— Caroline Wallace

Is there a bit of protectiveness there? And was it hard to tackle all this at once–had somebody done this before?

Caroline: Michael Jackson wrote about it in the 90s. And Stan Hieronymus, an American beer writer, wrote a book about 11 years ago called Brew Like A Monk. And there’s been a book or two in Dutch.

We don’t know of many people who have visited all of them, particularly now there are 11. When the other two English books were written there were only seven. That was a big thing for us, too. These are some monasteries where part of their culture and part of their history they’ve been brewing for hundreds of years–and all of a sudden there are four new ones over the last five years that began brewing. So we’ve seen this uptick and we wanted to expose people to their stories too.

Sarah: It compares to the increase in craft beer production in America a little bit on a very small scale that there are now people who are becoming inspired and seeing successes in other monasteries and saying, “We should do this here.” I think there’s a story there that the American audience can appreciate.

Caroline: That was big thing for so many people, especially people who started getting into craft beer in the 90s. For them, Chimay might have been the first interesting import or craft beer they tried and now that we have over 5,000 craft breweries in America. These are beers that are so widely revered that they sometimes might get overlooked or forgotten about a little bit–because people are often in the search for what the next craft beer trend is. This book is about taking that back.

I think there’s still a bit of mystique for the average craft beer drinker about what Trappist beer really means–I know when I first started drinking craft beer I had no idea what that meant.

Caroline: Yeah. A lot of these beers are very revered or very well known. There’s Chimay and Westmalle that are ubiquitous. And then there’s beers like Westvleteran that are really highly sought after and have lore around them. But the commonality with all of them is the lives of the people that brew the beer, and how that brewery ties into their tradition of the monastery. It’s their way of life and we kind of hoped to glean that a bit.

Was it difficult gaining access?

Caroline: Only one of the 11 does public tours: Le Trappe. So we definitely got access that the average person wouldn’t get. Another thing we wanted to do with the book was take a ton of photos–there are 200 photos in the book. And Jessica is an illustrator, so she illustrated the brewery for every chapter. We tried to give people a glimpse into what they wouldn’t be able to see themselves, but we also wanted to include these travel tips so you know what you can see–whether it’s the shop or it’s the tasting room.

How much time were you spending at each abbey?

Caroline: Usually one long day at each, but we spent two nights at Rochefort in the guesthouse overnight. We stayed in the hotel at Chimay overnight, so we spent a little longer time at some. And of course, the process of coming back each day was transcribing every interview’s audio and doing a lot of supplemental research from different books and pamphlets and pieces of information we would grab while we were there.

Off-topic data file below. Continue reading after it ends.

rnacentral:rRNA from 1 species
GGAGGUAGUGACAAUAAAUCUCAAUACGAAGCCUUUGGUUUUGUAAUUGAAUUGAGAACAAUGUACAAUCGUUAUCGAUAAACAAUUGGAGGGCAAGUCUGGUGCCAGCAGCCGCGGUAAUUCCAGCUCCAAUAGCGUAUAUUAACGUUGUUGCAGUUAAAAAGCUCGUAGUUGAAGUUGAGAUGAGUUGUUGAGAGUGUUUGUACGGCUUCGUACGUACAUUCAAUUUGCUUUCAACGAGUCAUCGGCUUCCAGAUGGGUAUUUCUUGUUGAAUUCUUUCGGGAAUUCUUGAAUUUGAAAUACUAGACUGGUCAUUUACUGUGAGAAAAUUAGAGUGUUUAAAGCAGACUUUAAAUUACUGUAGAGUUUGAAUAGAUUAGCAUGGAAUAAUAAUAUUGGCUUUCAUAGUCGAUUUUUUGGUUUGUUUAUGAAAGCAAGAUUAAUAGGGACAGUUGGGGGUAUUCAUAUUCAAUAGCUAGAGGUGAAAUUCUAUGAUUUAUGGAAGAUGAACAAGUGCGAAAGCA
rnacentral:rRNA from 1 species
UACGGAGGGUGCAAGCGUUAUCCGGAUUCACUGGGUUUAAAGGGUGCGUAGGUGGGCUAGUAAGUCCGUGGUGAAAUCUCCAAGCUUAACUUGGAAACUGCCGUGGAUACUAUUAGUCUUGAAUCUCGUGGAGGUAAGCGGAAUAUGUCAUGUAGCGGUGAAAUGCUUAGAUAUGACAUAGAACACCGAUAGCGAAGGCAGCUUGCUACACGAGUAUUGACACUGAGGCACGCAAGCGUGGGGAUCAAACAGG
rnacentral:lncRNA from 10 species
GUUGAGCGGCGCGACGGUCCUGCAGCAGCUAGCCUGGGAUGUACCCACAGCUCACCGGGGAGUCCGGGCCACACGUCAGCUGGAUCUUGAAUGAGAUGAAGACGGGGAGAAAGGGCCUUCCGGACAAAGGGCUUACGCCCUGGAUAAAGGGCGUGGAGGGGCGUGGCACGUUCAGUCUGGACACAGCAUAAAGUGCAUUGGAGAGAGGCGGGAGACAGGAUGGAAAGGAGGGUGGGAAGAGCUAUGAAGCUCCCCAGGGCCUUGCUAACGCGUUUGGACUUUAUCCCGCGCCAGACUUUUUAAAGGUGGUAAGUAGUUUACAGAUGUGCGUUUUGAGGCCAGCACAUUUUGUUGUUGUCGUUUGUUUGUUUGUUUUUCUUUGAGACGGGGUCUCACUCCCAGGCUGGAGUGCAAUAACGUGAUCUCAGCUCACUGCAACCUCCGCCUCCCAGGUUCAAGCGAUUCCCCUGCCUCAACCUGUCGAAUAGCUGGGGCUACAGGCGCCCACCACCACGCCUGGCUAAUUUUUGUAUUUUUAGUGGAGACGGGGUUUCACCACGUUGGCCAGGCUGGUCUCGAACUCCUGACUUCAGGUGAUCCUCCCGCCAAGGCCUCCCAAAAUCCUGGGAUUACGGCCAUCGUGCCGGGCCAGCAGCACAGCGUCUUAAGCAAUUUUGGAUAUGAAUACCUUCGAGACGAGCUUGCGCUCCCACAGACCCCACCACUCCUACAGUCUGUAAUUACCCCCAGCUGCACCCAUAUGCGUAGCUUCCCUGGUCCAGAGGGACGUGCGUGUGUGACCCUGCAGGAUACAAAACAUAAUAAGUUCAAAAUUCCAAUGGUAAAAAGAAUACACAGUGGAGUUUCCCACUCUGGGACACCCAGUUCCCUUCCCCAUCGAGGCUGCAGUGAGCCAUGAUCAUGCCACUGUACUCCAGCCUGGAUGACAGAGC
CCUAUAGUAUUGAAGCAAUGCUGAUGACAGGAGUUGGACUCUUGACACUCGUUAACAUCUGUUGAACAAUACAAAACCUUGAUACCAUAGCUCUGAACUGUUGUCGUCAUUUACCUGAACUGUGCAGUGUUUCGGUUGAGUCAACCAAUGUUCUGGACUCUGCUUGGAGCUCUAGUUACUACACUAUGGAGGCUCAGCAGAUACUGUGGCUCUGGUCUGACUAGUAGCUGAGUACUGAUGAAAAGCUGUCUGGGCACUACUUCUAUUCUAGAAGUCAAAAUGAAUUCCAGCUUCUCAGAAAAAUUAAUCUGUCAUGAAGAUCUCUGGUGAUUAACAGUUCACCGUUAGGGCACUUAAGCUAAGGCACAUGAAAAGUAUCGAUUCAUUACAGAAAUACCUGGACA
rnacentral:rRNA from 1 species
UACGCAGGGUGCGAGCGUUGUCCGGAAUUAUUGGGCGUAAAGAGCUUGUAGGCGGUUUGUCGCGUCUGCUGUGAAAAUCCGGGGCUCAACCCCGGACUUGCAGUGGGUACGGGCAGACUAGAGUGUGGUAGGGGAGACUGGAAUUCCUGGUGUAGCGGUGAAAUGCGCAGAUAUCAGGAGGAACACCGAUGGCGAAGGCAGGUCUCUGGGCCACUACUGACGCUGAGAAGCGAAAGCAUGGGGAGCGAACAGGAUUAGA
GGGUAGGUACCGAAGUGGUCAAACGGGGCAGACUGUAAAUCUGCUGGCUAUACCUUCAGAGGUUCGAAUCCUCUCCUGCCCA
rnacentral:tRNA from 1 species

Orval was the first visit, correct?

Jessica: Yes, the book is written in order of our visit.

Caroline: And we lucked out that we did it first based on schedule, but it actually ended up being great because there we met with not just the director of the brewery but Brother Xavier, who is the chairman of the board of the International Trappist Association and Orval. He was able to get us a lot of background, not just on Orval, but on the importance of the International Trappist Association and base history of the order which gave us a lot of context. The story kind of just built naturally from there.

Jessica: And it was such an inspiring and amazing place.

What were some things that maybe didn’t go quite as planned on the trip?

Sarah: Bee stings and robberies you mean!? I got four speeding tickets, but we made it on time! That was in Germany. We weren’t pulled over by police four times–we found out later because they were speed cameras. I think if I had been pulled over by the German police once that would have been it for me. We didn’t miss any of our interviews though which was great. We lost multiple cardigans and…pants.

You lost your pants on a monastery tour??

Jessica: That sounds seedy! No! Just misplaced clothes while traveling on the go is all. 

Bee stings and robberies…?

Sarah: Yes, that was at a monastery in the Netherlands [La Trappe]. And we did have some luggage stolen in Rome…

Jessica: That included a lot of beer.

Sarah: We were in the monastery conducting our interview [at Tre Fontane] over their closed period in the afternoon. So security wasn’t around–no one was around–but we were in the middle of Rome!

Jessica: It was really beautiful at the time, middle of the day. But we came out and it was a shock.

Caroline: But the monastery helped us translate our situation to the police. Sergio our translator went to the police station with us, and he was so sad. They were devastated that this happened. We had just spent literally hours talking about what a special place it was–and it is!

Jessica: We didn’t want to write about that though because that doesn’t honor their monastery.

Sarah: Aaaannnd then we’d have to talk about how we all ugly cried.

You lost your computers though! Did you have all your work saved somewhere?